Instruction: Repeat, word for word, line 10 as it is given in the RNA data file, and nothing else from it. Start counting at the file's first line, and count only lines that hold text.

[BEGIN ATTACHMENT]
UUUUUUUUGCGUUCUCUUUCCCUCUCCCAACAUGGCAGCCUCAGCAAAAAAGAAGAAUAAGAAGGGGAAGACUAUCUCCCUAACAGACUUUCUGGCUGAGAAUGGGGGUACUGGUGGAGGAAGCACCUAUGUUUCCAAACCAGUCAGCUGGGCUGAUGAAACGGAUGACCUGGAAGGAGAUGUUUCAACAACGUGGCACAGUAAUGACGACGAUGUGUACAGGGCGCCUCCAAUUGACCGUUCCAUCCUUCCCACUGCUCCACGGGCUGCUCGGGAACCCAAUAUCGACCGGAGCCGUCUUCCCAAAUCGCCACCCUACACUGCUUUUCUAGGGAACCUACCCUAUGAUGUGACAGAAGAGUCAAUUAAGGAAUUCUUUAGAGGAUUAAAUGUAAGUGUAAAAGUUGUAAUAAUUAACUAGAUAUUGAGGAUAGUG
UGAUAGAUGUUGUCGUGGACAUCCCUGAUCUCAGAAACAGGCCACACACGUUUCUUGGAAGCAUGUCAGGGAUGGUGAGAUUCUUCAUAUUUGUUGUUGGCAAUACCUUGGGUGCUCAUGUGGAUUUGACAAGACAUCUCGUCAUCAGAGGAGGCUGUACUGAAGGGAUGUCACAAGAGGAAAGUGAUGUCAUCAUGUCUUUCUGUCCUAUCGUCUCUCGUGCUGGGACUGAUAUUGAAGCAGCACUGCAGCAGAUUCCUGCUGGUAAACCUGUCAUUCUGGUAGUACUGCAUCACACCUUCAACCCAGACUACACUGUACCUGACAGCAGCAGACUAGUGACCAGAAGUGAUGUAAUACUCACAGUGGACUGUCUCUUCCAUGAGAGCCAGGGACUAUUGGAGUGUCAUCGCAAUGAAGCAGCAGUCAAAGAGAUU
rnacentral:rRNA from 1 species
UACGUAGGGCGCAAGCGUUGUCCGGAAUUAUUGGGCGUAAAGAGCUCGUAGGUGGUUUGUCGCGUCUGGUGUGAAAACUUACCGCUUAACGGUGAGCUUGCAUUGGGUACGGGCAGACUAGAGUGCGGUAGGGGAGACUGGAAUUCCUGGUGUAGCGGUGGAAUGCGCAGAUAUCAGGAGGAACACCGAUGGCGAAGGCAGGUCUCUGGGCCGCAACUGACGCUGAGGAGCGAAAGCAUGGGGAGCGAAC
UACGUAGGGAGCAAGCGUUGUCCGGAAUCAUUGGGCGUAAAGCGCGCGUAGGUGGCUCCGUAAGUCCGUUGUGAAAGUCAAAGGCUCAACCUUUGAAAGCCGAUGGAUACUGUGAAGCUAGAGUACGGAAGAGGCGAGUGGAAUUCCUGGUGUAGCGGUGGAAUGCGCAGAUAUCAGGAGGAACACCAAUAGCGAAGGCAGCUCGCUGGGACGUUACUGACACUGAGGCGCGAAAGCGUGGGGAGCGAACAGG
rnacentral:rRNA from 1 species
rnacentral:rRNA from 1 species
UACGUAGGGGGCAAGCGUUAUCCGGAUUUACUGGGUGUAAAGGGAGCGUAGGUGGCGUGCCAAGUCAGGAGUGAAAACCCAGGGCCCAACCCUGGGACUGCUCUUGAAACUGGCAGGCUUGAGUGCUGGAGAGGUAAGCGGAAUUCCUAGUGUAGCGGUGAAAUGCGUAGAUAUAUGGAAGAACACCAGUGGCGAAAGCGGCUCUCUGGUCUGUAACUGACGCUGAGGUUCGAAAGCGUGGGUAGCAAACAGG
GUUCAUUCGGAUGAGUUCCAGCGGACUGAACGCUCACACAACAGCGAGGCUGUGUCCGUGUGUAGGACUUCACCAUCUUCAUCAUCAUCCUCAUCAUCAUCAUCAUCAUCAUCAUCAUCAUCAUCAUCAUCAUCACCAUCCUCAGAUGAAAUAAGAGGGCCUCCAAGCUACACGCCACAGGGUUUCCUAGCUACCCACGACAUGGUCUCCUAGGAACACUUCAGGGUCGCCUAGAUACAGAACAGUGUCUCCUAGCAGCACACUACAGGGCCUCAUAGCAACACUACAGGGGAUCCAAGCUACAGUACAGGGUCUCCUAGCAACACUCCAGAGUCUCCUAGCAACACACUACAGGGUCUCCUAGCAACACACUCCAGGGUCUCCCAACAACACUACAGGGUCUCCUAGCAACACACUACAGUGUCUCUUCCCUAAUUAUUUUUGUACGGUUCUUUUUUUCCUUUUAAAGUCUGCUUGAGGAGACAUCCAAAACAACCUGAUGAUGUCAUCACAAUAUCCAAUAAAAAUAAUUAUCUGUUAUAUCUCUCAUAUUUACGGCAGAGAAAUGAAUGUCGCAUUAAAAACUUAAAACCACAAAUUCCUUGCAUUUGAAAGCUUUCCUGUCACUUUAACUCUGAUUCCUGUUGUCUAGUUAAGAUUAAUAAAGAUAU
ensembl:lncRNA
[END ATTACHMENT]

ensembl:lncRNA